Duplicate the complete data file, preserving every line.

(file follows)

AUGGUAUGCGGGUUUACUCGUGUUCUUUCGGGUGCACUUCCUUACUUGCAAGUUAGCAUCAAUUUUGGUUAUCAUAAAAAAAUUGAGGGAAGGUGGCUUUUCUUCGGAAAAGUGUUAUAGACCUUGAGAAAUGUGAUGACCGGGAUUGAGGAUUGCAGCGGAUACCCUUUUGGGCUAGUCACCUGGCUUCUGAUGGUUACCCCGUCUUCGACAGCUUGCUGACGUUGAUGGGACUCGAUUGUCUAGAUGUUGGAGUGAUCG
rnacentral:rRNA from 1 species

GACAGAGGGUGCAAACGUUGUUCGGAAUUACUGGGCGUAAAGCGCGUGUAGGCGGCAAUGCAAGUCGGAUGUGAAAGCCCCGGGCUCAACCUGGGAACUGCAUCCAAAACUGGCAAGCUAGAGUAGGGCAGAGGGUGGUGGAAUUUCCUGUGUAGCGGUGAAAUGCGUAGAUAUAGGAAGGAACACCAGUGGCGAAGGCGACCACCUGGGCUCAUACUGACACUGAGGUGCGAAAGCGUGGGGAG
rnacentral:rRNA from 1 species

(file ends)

AUGGUAUGCGGGUUUACUCGUGUUCUUUCGGGUGCACUUCCUUACUUGCAAGUUAGCAUCAAUUUUGGUUAUCAUAAAAAAAUUGAGGGAAGGUGGCUUUUCUUCGGAAAAGUGUUAUAGACCUUGAGAAAUGUGAUGACCGGGAUUGAGGAUUGCAGCGGAUACCCUUUUGGGCUAGUCACCUGGCUUCUGAUGGUUACCCCGUCUUCGACAGCUUGCUGACGUUGAUGGGACUCGAUUGUCUAGAUGUUGGAGUGAUCG
rnacentral:rRNA from 1 species

GACAGAGGGUGCAAACGUUGUUCGGAAUUACUGGGCGUAAAGCGCGUGUAGGCGGCAAUGCAAGUCGGAUGUGAAAGCCCCGGGCUCAACCUGGGAACUGCAUCCAAAACUGGCAAGCUAGAGUAGGGCAGAGGGUGGUGGAAUUUCCUGUGUAGCGGUGAAAUGCGUAGAUAUAGGAAGGAACACCAGUGGCGAAGGCGACCACCUGGGCUCAUACUGACACUGAGGUGCGAAAGCGUGGGGAG
rnacentral:rRNA from 1 species